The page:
Iryna Arakhouskaya: “I just want to be able to come back to Belarus”

Iryna Arakhouskaya, 29, has been working as an independent photojournalist since 2012. Like other reporters, she did have issues with the Belarusian authorities, but they remained relatively minor. Until last year that is, when she started reporting on the presidential election, popular protests, and police violence. On August 11, 2020, policemen shot rubber bullets at Iryna, despite her wearing clear identification as a member of the media and carrying her professional equipment.

  • What strikes you most when you look back on the past year?

When I remember 2020, I am happy because now I know who the Belarusians are. I saw how a free Minsk could look like and feel, I saw so many happy people and so much love.

  • One year ago, what were you hoping for Belarus?

I thought that we would succeed, that we would achieve everything. Did you see how many people stood in the queues to vote, how many people went out on the streets? I postponed all my private activities to “after the election” – I postponed my dentist, my holidays, my education. Now I understand that I should have done all these before the elections. Because afterwards, there was no time left for normal activities: I was too busy reporting on the crackdown.

  • How has the repression affected you personally?

I worked as a photographer. Three days into the protests that followed the August 9 election, I was injured by a rubber bullet. I complained to the police. The result was that, two months later, police searched my apartment as part of a “criminal case related to mass disorder”. I was lucky to be abroad for work at the time. I didn’t return to Belarus.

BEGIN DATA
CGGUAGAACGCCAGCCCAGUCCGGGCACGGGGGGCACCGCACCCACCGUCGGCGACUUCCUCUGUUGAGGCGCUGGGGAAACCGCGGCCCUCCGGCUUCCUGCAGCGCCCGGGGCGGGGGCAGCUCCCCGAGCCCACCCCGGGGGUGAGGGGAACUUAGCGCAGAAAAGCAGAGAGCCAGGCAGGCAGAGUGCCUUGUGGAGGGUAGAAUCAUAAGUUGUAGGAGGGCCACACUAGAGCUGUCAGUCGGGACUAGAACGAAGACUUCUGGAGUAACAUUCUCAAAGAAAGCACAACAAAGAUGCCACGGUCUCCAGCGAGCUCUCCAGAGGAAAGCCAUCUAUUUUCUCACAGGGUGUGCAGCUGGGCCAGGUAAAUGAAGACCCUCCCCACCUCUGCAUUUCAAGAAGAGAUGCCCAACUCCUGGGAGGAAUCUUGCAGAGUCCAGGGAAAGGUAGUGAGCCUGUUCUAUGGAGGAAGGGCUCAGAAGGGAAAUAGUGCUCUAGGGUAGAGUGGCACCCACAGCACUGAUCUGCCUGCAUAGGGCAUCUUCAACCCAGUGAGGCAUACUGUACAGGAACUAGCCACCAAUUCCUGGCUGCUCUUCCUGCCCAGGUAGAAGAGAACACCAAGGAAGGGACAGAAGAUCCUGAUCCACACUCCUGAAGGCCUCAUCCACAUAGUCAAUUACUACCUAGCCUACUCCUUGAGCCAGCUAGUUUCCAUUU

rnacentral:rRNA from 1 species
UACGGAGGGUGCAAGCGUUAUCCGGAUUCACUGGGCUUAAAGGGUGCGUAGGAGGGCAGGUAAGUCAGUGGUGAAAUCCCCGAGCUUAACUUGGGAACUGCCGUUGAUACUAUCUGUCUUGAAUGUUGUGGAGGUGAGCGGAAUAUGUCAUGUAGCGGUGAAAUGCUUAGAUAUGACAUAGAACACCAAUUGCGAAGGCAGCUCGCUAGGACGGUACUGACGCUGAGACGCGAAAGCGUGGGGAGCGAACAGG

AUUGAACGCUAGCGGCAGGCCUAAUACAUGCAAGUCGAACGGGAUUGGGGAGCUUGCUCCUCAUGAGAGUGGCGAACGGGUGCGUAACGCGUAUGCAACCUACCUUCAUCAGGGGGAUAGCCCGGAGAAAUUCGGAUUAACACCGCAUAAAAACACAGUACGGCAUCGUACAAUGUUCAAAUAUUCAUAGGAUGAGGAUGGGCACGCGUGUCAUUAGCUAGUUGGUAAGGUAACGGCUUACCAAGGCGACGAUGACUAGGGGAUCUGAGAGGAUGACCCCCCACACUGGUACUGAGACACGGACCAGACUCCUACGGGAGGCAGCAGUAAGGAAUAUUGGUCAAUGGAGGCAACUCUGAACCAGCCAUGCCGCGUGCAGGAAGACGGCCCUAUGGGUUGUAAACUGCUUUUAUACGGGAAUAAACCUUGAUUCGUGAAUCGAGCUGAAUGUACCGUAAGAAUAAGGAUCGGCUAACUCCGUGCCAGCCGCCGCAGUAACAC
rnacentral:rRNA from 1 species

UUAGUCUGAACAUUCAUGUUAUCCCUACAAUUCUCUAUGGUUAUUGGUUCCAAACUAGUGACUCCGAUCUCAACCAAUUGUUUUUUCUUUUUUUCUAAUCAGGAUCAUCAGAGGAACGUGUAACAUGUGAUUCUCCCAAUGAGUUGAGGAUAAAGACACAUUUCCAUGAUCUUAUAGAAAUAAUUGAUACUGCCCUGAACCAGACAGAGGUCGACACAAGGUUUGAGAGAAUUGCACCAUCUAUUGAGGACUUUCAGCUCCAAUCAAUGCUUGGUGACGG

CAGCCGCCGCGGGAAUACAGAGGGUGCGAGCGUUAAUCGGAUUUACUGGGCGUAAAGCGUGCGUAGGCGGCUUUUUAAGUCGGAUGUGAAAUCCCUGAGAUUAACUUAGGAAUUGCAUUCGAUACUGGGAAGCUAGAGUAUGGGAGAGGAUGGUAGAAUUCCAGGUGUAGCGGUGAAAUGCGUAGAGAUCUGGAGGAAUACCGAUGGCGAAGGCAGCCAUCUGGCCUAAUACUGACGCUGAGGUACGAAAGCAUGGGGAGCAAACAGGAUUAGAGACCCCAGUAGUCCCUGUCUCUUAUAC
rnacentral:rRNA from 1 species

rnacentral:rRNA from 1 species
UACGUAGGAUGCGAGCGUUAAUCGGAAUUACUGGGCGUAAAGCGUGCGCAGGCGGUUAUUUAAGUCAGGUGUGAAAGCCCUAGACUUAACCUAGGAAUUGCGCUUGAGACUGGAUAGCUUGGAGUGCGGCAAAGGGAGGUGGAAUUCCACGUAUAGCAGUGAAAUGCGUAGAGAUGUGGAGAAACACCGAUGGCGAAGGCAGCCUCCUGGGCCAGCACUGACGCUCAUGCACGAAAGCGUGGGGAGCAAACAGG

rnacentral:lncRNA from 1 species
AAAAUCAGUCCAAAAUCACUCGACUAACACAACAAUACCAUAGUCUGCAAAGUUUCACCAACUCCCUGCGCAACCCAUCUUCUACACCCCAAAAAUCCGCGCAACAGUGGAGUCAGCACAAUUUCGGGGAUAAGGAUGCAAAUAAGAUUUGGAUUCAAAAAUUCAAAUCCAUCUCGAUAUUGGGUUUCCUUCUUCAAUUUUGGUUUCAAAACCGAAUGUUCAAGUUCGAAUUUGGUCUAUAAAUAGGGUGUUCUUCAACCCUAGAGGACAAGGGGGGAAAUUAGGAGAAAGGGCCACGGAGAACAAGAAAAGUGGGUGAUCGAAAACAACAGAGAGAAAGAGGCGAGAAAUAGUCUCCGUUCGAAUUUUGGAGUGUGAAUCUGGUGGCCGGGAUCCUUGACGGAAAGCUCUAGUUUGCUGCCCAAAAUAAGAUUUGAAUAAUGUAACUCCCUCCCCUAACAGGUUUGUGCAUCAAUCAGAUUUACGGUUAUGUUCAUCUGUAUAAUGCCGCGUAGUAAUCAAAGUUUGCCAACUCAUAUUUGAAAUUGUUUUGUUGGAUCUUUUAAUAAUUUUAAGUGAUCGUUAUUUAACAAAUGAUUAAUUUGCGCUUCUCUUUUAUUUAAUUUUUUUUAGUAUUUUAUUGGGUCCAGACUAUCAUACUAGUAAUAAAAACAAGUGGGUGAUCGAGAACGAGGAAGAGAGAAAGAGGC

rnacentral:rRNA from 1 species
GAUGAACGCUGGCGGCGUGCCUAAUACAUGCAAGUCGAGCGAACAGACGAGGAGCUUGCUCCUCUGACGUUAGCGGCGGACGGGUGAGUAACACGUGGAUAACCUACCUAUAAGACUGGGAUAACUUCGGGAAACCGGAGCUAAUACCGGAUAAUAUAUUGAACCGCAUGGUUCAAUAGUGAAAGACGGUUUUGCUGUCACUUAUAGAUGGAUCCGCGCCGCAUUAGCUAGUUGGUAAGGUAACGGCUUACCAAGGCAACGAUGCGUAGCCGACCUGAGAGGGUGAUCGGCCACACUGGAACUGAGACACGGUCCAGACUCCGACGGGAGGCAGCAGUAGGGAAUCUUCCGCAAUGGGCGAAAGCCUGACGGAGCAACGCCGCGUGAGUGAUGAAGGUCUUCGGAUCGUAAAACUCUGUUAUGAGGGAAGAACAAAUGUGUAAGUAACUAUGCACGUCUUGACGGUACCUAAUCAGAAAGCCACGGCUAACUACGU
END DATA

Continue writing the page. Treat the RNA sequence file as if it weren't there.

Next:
• · How has your determination to change things evolved?

There are now hundreds of political detainees in the Belarusian prisons. We don’t even know many of their names. People who have been identified as protesters see their homes searched. When they are arrested, they are beaten, tortured, their detention conditions are unbearable. All this has one objective: create fear. Speaking out is prohibited. There are currently 28 journalists in prison, independent media have lost their accreditations. Many have been threatened with criminal indictments. Many have left Belarus. There is no legal protection anymore, as lawyers are being deprived of their licences. The threshold for “committing a crime” is now so very low: people have been detained just for wearing white and red (the colours of an ancient Belarusian flag, adopted by the protesters). Citizens are being detained every day under the flimsiest charges.

  • What do you wish for the future?

I just want to be able to come back home, together with thousands of independent journalists, and welcome people as they are freed from prison. And then we’ll see.